In summary, recent reports suggested the participation of Artemis/DNA-PKcs, RAG-1/RAG-2, and the MRN complex in the processing of hairpin coding ends. The participation of these machineries in the context of the postcleavage complex should be carefully investigated and the possibility that these complexes may participate together to generate highly diverse coding joints should also be considered.

Future experiments using point mutants of Artemis to separate the catalytic versus the architectural role of the protein will be very informative. One such mutant might be the one used by Ma et al. (14). The mutation (D165N, numbering according to reference 14), identified in a SCID patient, resides in the conserved SMN1 domain and the resulting mutant protein is unable to open hairpin substrates. Another interesting mutation (G111V, numbering according to reference 11) recently identified in a RS-SCID patient also resides in the SMN1 domain (29). VDJ recombination assays using fibroblasts obtained from this patient showed a deficiency in coding joint formation, a defect overcome by complementation with a wild-type Artemis-expressing vector. Therefore, it is of interest to determine the effect of these mutations on the accumulation of hairpin coding ends in vivo. On the other hand, it will be very interesting to investigate the effect of these mutant proteins on hairpin opening in vitro using the 12/23-regulated cleavage assay.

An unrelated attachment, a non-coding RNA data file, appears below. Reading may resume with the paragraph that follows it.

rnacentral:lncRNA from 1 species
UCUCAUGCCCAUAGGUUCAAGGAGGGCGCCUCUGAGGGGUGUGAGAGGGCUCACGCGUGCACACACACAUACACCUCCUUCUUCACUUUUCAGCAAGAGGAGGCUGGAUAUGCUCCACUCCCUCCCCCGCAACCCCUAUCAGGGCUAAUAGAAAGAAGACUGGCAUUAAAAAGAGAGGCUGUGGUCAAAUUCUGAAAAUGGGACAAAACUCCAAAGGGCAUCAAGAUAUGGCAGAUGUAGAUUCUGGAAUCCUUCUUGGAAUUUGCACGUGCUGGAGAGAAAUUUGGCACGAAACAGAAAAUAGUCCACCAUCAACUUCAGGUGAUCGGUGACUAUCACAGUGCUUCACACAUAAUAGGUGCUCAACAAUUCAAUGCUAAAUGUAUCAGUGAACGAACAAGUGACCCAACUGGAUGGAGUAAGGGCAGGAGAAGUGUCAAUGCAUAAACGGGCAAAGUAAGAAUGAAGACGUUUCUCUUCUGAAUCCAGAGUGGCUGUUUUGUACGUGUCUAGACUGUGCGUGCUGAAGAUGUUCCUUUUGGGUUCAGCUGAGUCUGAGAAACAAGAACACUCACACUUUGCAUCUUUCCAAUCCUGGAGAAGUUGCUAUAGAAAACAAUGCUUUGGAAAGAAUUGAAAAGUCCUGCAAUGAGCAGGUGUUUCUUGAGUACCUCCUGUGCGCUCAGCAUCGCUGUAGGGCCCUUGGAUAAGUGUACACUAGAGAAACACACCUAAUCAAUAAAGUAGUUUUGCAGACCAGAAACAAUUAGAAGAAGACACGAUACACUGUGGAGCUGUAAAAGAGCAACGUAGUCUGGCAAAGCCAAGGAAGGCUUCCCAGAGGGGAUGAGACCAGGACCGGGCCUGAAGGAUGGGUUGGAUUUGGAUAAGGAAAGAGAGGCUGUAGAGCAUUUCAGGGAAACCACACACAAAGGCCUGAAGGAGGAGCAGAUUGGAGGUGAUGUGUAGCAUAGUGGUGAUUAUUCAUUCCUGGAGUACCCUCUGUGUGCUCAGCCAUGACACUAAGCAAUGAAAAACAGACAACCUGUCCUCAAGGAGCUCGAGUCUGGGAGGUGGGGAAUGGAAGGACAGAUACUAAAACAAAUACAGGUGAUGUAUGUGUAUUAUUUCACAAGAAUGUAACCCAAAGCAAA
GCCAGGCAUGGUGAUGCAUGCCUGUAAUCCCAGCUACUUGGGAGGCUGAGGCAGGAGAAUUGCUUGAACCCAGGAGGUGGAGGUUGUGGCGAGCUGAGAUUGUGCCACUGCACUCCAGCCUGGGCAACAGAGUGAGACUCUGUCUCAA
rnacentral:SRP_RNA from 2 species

Concluding Remarks.

This is an exciting moment in the field of VDJ recombination and DNA repair, as these two studies (1, 2) provide us with some answers and questions regarding the in vivo function of Artemis in these two processes. Regarding VDJ recombination, they leave us with a more intriguing question, which is what are the catalytic and architectural roles of Artemis/DNA-PKcs, RAG-1/RAG-2, and MRN complex during opening and processing of the hairpin coding ends? Thus, further experiments addressing this question will provide us with more insights into the processing of hairpin coding ends and the generation of junctional diversity.


We thank members of the laboratory for critical reading of this commentary.

This work is supported by National Institutes of Health grant (AI45996) and Cancer Research Institute Investigator Award to P. Cortes. P. Cortes is a Special Fellow of the Leukemia and Lymphoma Society.